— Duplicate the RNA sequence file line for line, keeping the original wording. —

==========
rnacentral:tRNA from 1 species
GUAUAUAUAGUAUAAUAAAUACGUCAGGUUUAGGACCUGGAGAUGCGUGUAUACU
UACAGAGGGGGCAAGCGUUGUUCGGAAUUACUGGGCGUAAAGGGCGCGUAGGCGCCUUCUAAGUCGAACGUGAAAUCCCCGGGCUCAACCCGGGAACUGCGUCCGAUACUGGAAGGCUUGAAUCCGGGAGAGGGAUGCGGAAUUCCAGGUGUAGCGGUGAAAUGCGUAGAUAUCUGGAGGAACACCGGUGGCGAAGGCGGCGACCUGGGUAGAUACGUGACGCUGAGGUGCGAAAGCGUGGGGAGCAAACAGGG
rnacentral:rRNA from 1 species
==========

rnacentral:tRNA from 1 species
GUAUAUAUAGUAUAAUAAAUACGUCAGGUUUAGGACCUGGAGAUGCGUGUAUACU
UACAGAGGGGGCAAGCGUUGUUCGGAAUUACUGGGCGUAAAGGGCGCGUAGGCGCCUUCUAAGUCGAACGUGAAAUCCCCGGGCUCAACCCGGGAACUGCGUCCGAUACUGGAAGGCUUGAAUCCGGGAGAGGGAUGCGGAAUUCCAGGUGUAGCGGUGAAAUGCGUAGAUAUCUGGAGGAACACCGGUGGCGAAGGCGGCGACCUGGGUAGAUACGUGACGCUGAGGUGCGAAAGCGUGGGGAGCAAACAGGG
rnacentral:rRNA from 1 species